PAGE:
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What Keeps Customers Up at Night: Q&A With Author Bob Regnerus

By Blake Glenn
Feb 4, 2009 4:00 AM PT

"Understand what keeps the customer up at night."

What Keeps Customers Up at Night: Q&A With Author Bob Regnerus

Those words from Bob Regnerus hit at the heart of successful e-commerce transactions.

Regnerus, an online marketing consultant and author of the recent book, Big Ticket eCommerce: How to Sell High-Priced Products and Services Using the Internet, offers his insight into successful e-commerce transactions.

According to Regnerus, businesses will catapult themselves into a great position with potential big-ticket e-commerce buyers by offering Web-based information that helps to solve a problem.

Podcast: Listen to the entire interview (21:12 minutes).

Go Big

And what is considered to be a big-ticket e-commerce item?

Generally any product or service that costs US$2,000 or more or requires additional information before a decision is made is a big-ticket item, Regnerus says.

He points out special reports as an example of a free item that can offer hard-hitting, cutting-edge information to prospects while turning them into a lead.

But be careful not to clutter your Web site with too much information, Regnerus warns. Too much information is confusing and actually drives off potential customers.

In addition to offering information, big-ticket e-commerce requires consistent follow-up from sellers in the form of e-mails, newsletters, and even an old-fashioned phone call.

Regarding social networking, Regnerus says that businesses can utilize the emergence of social networking tools such as MySpace, Facebook, Twitter and LinkedIn as relationship-building opportunities.

Social networking provides opportunities to connect with customers and prospects. But Regnerus cautions that social networking should not generally be used for a hard sale approach.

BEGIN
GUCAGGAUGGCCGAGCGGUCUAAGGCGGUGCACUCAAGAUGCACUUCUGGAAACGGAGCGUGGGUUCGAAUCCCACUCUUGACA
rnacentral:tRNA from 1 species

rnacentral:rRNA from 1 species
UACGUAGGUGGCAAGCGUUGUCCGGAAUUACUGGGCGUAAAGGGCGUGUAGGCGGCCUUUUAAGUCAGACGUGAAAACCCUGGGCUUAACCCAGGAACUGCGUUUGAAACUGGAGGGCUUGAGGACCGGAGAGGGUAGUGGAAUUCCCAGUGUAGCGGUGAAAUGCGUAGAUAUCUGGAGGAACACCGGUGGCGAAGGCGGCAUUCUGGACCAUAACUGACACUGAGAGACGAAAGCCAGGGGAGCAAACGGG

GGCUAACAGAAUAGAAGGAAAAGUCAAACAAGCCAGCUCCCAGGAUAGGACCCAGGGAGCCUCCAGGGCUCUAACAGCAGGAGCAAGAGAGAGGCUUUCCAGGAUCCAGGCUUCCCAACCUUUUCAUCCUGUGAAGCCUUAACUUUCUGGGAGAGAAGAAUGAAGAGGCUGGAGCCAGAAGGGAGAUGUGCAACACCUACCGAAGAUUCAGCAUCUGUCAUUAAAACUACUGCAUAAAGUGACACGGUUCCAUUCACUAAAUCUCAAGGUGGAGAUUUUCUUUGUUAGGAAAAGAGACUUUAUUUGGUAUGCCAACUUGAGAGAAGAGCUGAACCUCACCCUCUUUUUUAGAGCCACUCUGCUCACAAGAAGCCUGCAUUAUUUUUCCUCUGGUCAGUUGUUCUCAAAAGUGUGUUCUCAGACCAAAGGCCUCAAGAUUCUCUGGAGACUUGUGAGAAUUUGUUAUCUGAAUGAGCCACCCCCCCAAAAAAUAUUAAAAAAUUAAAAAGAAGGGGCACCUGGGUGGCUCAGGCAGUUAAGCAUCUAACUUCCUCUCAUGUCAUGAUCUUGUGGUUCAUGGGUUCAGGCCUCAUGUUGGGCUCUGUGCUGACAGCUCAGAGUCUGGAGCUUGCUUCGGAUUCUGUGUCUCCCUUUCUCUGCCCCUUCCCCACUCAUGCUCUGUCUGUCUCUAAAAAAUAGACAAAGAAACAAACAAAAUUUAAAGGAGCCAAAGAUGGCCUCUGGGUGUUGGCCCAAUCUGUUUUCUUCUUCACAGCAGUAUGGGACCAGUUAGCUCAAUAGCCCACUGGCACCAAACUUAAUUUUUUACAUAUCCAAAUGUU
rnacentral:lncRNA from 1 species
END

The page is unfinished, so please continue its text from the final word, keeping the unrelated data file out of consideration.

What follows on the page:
Here are some excerpts of the interview:

E-Commerce Times: Before we get to why they call you "the leads king," could you give us a definition of exactly what is e-commerce and what does that mean today in 2009?

Bob Regnerus:E-commerce is a term that's been around a number of years. I think the company we're most familiar with for kind of popularizing e-commerce is Amazon. It's really using the Internet -- a business using the Internet to sell their products and services. E-commerce is just -- it's more than the traditional model, which I talk about in my book, Big Ticket eCommerce. It's more than just click here, add to cart and check out. E-commerce is really an all encompassing strategy that companies could use to sell their products and services, not just online but use the online methods to actually convert prospects into buyers offline too.

ECT: What has been the evolution of e-commerce, let's say just in the last five to six years? Has there been a significant difference between, let's say, where we are in 2009 vs. where we were five to six years ago?